After 17 years spent living in San Francisco, I still find tiny slivers of pure paradise tucked around corners and nestled between buildings, just waiting to be discovered. This week found me uncovering one of these hidden gems in one of my very, very favorite slices of the city. I’ve always known it as the “antique district,” though technically it’s the “Jackson Square Historic District.” It’s part nostalgia for me recalling a previous life spent doing some work in this part of town and partially appeals to my personal aesthetic. Jackson Square is rich in history, coming to life during the Gold and Silver eras in San Francisco. It retains most original buildings of the 1850s and 1860s and immediately transports one back to that time for a moment.
Mr. City Mouse recently opened office space in the antique district and I was lucky enough to join him for a coffee one morning. Truth be told, the uber-hipster coffee options are plentiful in this neighborhood. And he literally went down a quick list, debating options, “…the organic café is pretty great or the coffee truck always has amazing coffee…wait! I know exactly where we should go….” And he led me down a street, around a corner and then abruptly, turned in the middle of the block and walked me through a wrought iron gate spanning two brick buildings. What appeared before me, made my skin tingle. It reminded me of Europe. It was hidden. It was intimate. It was old and new all at once and was ringed on all sides by small office spaces, housing start ups and funds and firms. There was a quiet, almost silent, desperately throbbing energy to the space. This was Jackson Place and the home of the Jackson Place Cafe.
It’s billed as …”one of San Francisco’s best kept secrets.” And I would agree. It’s idyllic. While sipping a piping hot espresso, one is shadowed by wrought iron railings and twinkly lights. The bricks, climb high above the trees, chipped and uneven, beautiful in their asymmetry with grays and burnt orange, faded to almost white in places. Flickering gas lamps strain to cast their glow amidst the bright sky, which filters down through the towering buildings. Strangely, the city ambience largely dissipates in this oasis and one is left listening to a soft music soundtrack of I’m sure, whatever Pandora station was chosen to set the mood by the barista. On my visit it sounded like the selected station may have been “John Mellencamp.”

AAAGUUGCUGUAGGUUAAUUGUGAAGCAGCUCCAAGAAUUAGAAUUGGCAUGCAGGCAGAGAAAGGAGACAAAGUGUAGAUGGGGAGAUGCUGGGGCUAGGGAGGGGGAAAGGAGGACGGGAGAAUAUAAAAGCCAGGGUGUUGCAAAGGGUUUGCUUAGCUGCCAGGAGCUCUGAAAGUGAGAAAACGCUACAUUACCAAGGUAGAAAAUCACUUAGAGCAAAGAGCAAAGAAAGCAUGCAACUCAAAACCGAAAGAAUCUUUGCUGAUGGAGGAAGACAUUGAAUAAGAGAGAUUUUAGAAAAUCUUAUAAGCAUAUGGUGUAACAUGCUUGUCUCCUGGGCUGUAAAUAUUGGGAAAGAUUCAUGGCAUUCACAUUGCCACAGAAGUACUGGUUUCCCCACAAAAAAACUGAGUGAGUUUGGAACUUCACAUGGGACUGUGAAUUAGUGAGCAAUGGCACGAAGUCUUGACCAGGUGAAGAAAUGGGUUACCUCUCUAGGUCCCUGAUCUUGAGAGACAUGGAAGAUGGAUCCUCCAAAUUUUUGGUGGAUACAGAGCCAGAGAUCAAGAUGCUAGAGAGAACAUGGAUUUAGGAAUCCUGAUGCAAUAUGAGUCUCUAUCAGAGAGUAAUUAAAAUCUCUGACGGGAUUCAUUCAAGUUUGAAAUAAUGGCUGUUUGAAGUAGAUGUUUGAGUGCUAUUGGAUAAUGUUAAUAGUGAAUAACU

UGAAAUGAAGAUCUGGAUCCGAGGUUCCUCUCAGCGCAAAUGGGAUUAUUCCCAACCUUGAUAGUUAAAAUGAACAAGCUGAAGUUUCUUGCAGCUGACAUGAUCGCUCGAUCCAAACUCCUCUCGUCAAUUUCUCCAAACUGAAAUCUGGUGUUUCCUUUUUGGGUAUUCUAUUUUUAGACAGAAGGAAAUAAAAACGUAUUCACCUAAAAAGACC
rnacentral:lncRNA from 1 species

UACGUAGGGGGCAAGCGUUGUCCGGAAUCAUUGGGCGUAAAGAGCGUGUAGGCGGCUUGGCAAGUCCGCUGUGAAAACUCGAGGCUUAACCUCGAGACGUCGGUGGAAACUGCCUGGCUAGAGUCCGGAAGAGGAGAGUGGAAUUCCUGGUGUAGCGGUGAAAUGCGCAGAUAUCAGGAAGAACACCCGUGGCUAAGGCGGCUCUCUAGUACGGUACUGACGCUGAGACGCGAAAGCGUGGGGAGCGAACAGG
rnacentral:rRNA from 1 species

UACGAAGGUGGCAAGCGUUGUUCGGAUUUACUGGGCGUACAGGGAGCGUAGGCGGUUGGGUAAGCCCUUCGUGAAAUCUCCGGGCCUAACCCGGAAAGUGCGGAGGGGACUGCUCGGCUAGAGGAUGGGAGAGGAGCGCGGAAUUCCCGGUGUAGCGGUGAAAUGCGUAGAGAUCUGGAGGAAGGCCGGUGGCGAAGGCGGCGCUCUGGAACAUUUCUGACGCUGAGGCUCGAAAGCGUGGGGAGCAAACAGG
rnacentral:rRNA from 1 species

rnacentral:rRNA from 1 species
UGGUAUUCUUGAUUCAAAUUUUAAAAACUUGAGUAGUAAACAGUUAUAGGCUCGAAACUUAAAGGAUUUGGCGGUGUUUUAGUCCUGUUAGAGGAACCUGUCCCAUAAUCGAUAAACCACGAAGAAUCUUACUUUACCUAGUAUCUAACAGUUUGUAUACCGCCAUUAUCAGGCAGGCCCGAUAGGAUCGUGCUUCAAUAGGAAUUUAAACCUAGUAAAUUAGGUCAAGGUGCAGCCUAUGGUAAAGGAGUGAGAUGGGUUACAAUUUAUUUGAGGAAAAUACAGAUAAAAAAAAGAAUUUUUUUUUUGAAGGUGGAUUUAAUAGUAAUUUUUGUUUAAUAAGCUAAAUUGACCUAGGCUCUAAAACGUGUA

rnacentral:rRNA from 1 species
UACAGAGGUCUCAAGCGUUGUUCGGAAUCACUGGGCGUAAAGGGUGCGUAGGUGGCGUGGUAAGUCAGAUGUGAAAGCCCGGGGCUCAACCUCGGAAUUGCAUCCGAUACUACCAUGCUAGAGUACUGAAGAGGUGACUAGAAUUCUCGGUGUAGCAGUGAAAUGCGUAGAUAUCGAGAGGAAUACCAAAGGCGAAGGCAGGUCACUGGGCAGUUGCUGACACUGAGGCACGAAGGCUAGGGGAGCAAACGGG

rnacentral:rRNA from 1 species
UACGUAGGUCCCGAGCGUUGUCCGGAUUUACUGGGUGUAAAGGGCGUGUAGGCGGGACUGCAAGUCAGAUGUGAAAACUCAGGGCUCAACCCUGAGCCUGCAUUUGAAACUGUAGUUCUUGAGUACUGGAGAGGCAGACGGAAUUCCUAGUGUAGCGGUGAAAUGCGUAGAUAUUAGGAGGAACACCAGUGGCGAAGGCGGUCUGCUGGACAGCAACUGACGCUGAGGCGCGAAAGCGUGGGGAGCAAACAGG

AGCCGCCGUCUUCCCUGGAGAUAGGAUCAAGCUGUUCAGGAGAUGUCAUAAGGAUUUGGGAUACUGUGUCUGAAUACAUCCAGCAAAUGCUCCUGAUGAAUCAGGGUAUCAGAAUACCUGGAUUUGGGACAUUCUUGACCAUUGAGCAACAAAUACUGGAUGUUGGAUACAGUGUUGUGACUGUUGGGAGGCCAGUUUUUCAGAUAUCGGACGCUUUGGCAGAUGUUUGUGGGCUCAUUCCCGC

It’s here that one can grab a specialty coffee, made with care at the window. The Jackson Square cafe serves a limited menu of coffees, breakfast and lunches to go: High in quality. Artisanal. Expensive. Delicious.
I do love history and sitting in the plaza, I could almost feel the energy of a long-lost century and evoke a vision. If only these bricks could whisper their secrets from the past…. I’ve got to think that the energy and pulsating drive of the Gold rush pushes up and through the toes of those now innovating in industry within these walls. The ghosts wander about here, I’m sure, in their tattered clothes and bottomless shoes abandoning boats and salty oceans for dusty hills, under a blazing California sky, searching for sparkle among the rock. And now I’ve discovered this, too: a bit of brilliance hidden among the concrete.
A few fun facts about the Jackson Square Historic District:
-It’s one of the oldest commercial districts in San Francisco
-It retains almost all original commercial buildings from the 1850s and 1860s
-It recalls the Gold and Silver era
-The waterline previously bordered this district and it partially sits on landfill
-Some of that landfill is made up a hulls of ships, abandoned in the rush to the Gold county
-Now it’s home to interior designers, law firms, creative agencies and architects, to name a few and has undergone a bit of a renaissance of late
I’m very much personally inspired by this space and will be making regular pilgrimages here when I want to breathe in the history of the city and enjoy a perfect cup of coffee. It’s worth a stop by if you’re in the neighborhood.